A new blood test trumps traditional diagnostic methods for determining peanut allergy, the most common allergy for children. From the Medical Research Council, scientists introduce a new, extremely accurate and dependable test for detecting peanut allergies and potentially other common food allergies.
Existing tests to diagnose peanut and other food allergies include the immunoglobulin E (IgE) test, skin prick test, and oral food challenge (OFC). The IgE test measures the amount of an antibody produced by the immune system in response to allergens, which are recognized as if they were dangerous invaders. The skin prick test involves exposing the skin to potential allergens, looking for signs of inflammation that could signal an allergy. Lastly, the golden standard for diagnosing food allergies is the OFC, where individuals consumes increasing increments of a potential allergen in a controlled setting. Despite the safety measures, the OFC still runs the risk of causing dangerous allergic reactions.
"The current tests are not ideal. If we relied on them alone, we'd be over diagnosing food allergies - only 22 per cent of school-aged children in the UK with a positive test to peanuts are actually allergic when they're fed the food in a monitored setting,” explained lead author Alexandra Santos.
The new mast activation test (MAT) scans the blood for mast cells, immune cells involved in initiating allergic reactions. Mast cells respond to IgE in plasma and produce biomarkers associated with allergic reactions.
The MAT test greatly reduces the risk of false-positive results or dangerous allergic reactions like anaphylactic shock. It has shown to be five times more cost-efficient than the OFC, and it could be adapted to test for other food allergies. Additionally, the test’s close precision allows it to help doctors distinguish sensitivity to an allergen from a true food allergy.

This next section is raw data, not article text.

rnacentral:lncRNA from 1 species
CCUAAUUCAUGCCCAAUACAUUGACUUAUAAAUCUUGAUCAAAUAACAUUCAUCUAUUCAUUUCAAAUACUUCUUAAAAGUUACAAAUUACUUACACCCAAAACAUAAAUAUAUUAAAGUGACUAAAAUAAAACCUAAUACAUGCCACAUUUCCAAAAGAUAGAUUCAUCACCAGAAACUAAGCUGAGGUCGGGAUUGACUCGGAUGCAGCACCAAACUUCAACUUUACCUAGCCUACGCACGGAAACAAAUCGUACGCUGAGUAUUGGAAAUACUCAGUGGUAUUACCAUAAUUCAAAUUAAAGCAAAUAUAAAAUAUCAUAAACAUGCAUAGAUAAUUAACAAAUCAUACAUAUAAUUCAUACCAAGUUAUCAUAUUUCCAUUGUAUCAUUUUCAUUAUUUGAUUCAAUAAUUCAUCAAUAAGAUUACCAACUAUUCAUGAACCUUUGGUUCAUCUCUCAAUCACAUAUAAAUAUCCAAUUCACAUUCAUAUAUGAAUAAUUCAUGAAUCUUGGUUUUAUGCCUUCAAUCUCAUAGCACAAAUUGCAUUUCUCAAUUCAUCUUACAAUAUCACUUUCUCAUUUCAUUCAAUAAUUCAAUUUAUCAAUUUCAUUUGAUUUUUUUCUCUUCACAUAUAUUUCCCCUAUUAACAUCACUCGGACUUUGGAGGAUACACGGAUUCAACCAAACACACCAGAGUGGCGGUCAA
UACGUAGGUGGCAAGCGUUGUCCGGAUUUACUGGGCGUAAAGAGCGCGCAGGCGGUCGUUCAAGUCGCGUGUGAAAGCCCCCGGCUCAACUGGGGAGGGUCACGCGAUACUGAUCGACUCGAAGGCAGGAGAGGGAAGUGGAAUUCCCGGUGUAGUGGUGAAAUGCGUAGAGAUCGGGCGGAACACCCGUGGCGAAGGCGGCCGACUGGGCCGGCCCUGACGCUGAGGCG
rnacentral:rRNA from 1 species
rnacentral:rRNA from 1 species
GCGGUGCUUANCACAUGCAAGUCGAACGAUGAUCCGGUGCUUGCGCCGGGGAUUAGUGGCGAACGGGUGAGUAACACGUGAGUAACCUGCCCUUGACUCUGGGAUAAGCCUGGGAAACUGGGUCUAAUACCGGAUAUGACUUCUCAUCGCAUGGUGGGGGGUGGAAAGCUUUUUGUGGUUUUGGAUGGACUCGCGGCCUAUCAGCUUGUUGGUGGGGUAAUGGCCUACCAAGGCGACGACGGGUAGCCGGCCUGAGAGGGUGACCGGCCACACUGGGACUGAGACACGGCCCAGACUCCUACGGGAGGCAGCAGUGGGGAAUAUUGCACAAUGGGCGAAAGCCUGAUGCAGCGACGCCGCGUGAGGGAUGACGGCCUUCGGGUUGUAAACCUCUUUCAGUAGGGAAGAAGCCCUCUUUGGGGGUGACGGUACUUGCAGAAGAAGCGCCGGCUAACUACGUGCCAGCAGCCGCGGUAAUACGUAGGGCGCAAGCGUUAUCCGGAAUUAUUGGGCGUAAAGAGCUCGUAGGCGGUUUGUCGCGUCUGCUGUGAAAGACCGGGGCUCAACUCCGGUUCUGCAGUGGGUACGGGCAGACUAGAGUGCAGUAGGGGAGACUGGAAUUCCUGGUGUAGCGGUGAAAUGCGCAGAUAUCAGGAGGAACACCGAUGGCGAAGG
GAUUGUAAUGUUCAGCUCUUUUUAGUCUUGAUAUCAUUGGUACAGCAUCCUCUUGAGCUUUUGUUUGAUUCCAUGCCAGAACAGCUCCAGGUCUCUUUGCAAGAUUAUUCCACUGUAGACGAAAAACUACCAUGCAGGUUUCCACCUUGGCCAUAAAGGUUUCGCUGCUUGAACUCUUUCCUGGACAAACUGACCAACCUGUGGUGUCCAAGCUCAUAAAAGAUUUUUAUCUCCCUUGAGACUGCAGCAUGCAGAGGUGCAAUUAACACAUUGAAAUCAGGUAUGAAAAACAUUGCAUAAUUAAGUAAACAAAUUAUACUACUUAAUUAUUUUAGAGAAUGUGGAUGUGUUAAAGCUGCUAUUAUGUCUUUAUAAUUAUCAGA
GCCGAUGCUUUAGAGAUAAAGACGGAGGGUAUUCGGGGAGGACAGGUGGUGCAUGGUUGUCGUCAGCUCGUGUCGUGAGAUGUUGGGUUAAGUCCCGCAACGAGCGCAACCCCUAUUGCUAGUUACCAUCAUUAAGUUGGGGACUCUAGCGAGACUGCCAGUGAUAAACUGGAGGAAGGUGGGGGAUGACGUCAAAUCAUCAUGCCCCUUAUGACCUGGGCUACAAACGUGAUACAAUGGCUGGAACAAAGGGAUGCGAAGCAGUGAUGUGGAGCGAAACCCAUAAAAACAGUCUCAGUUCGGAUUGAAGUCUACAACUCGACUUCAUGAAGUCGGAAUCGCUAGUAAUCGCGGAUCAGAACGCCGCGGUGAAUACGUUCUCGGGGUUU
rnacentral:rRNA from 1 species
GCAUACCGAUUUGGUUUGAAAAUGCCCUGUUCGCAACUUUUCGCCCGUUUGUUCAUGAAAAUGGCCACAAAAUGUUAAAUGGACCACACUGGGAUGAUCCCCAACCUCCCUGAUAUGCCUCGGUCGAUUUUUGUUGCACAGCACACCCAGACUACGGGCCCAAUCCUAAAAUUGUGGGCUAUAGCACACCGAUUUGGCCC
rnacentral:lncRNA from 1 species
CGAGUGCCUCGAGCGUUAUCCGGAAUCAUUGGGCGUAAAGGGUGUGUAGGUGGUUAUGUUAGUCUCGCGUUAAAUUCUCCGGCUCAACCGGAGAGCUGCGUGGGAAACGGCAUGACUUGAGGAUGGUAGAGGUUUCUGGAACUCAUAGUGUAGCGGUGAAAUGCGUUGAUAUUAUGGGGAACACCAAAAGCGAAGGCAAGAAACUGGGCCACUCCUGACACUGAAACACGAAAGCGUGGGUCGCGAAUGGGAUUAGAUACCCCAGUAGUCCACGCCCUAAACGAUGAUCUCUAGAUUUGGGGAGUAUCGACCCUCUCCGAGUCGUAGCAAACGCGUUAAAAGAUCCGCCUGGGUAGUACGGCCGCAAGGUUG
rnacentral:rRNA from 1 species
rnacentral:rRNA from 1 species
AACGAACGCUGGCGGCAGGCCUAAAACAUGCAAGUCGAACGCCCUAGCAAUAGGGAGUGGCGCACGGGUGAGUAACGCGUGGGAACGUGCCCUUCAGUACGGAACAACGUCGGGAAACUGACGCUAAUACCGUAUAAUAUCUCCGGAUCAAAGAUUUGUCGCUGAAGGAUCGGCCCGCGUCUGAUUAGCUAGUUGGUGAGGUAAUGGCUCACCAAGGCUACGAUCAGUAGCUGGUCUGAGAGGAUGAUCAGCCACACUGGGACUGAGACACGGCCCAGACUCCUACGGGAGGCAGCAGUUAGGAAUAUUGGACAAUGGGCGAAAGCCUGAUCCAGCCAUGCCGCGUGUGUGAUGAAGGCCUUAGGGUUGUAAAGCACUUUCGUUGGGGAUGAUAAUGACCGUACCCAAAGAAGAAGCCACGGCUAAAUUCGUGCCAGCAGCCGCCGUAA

"The new test is specific in confirming the diagnosis so when it's positive, we can be very sure it means allergy,” Santos said. “We would reduce by two-thirds the number of expensive, stressful oral food challenges conducted, as well as saving children from experiencing allergic reactions."
Santos’s study involved 174 blood samples from 73 children with peanut allergies and 101 without them. Via the samples, researchers added peanut protein to mast cells to evaluate any IgE-mediated activation, indicating an allergy. The test successfully detected peanut allergy with 98 percent specificity. Even more, the test indicated the severity of the allergy, a quality that’s associated with higher mast cell levels.
"We are adapting this test to other foods, such as milk, eggs, sesame and tree nuts. This test will be useful as we are seeing more and more children who have never been exposed to these foods because they have severe eczema or have siblings with allergies,” Santos said. “Parents are often afraid to feed them a food that is known to cause allergic reactions."
The present study was published in the Journal of Allergy & Clinical Immunology.